The Work of the Holy Spirit or the Work of the Kick Drum?

The Work of the Holy Spirit or the Work of the Kick Drum? June 30, 2020

We often mistake emotional stimulation for divine interaction. This is why commercial pop worship is popular.

You might have heard the story told by the late Rich Mullins. A man in attendance at one of his concerts told Mullins afterward that he had really felt the Spirit on one particular song, especially right before the last chorus.

“That wasn’t the Spirit,” said Mullins. “That was where the kick drum came in.”

If you’ve been to a pop worship “experience” recently, either in a megachurch, or a miniature church that aspires to be mega, I think it would be hard to deny this. The ambiance, the flow of the “worship set,” the so-called “relevance” of the sermon, are all crafted in a way to make you feel good things, and to then relate those feelings to Jesus in the hopes that you like their experience and their Jesus better than any other jesusy experience found elsewhere. The high can be addictive, too. I’m convinced that dependence on this jesusy euphoria is one of the most destructive things going on in the church today. Pop worship experiences are a drug sold to unwitting people who think they’re getting a regular dose of the Lord.

In this pop worship culture, people, both congregants and leaders, project a lot of these feelings onto the Holy Spirit.

Ever heard something like this before?

“The Holy Spirit moved mightily in our midst today.”

“I felt God’s Spirit all over when she was singing.”

“The Spirit’s anointing was on that preacher.”

I even hear these kinds of things in more traditional worship settings, too.

That’s why you don’t just need worship that is “contemporary” or “traditional,” you need the rigor of biblical, historic Christian worship. You need to gather with God’s people, to hear the Word of God proclaimed, to sing and pray its truths yourself, and to receive the Sacrament. Jesus has promised to be present in those things, and that the Spirit will be at work through them, too. The actual work of the Holy Spirit is not authenticated by your experience of it. The Spirit is a gift, and a mysterious one at that, working miracles and creating faith in the lives of believers.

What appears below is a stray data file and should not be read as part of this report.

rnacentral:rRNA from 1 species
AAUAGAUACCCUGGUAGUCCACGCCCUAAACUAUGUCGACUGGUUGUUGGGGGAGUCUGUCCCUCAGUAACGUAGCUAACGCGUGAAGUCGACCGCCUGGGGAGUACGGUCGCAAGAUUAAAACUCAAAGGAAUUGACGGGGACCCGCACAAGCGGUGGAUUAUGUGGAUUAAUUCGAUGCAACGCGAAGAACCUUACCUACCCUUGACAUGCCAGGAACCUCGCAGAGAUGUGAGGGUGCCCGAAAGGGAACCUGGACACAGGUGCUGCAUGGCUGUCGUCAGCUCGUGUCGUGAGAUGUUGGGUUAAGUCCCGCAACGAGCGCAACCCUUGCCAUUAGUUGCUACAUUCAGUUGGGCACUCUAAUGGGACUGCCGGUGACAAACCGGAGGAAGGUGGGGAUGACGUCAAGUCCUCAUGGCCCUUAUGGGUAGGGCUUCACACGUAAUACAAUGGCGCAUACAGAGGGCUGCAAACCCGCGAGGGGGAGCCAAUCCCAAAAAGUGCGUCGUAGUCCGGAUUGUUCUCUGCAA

A worship experience that finely tunes everything to create feelings in people, even with the noblest of intentions, is downright manipulative. And, despite what these well-meaning folks will tell you, it is okay to be skeptical and to question what is really going on. Be wary. There’s nothing wrong with experiencing emotions in worship, but please make sure they are subject to your mind and your will, and ultimately, to what God has spoken in His Word. If you are in a place in which there is pressure of any kind to stop thinking and get swept away by or overcome with God’s supposed presence, you should probably get out. You have stepped into something that is more pagan than Christian, even with all the Jesus talk.

The presence of the Holy Spirit isn’t something that can be phonied up by a creative worship experience, it is an objective presence in the life of a believer.

I don’t know about you, but for me, this is terribly good news. I’ve dealt with depression since I was a young teenager, and the pop-worshiping megachurch my family attended was big on selling these experiences. It was horrifying to say the least, since I could never get excited enough about their jesusy experience to buy into it, and at the time I was convinced that my lack of “feeling it” meant I must not be “saved.”

Even the kick drum didn’t do it for me.

The fear induced by my childhood worship experience eventually convinced me of the necessity of liturgical worship, once I found it. I can know that the Holy Spirit is at work in me, and is at work through the liturgy, even when I can’t feel it, even if all I can do is muster the energy to show up and do my job. The liturgy, the Word and Sacrament, nourishes my faith at its weakest points, and gives me strength to carry on. It demands no false pretense on my own part. It gives me a language I can’t find on my own. It’s profoundly moving without all the emotional manipulation. As I speak and sing and listen and pray and taste, I’m filled with awareness that the meager groans of my spirit are increased on high by the deep groans of another Spirit.

And I find the strength to go on, and to trust that the prayers of the Spirit are at work in me.

Thanks be to God.

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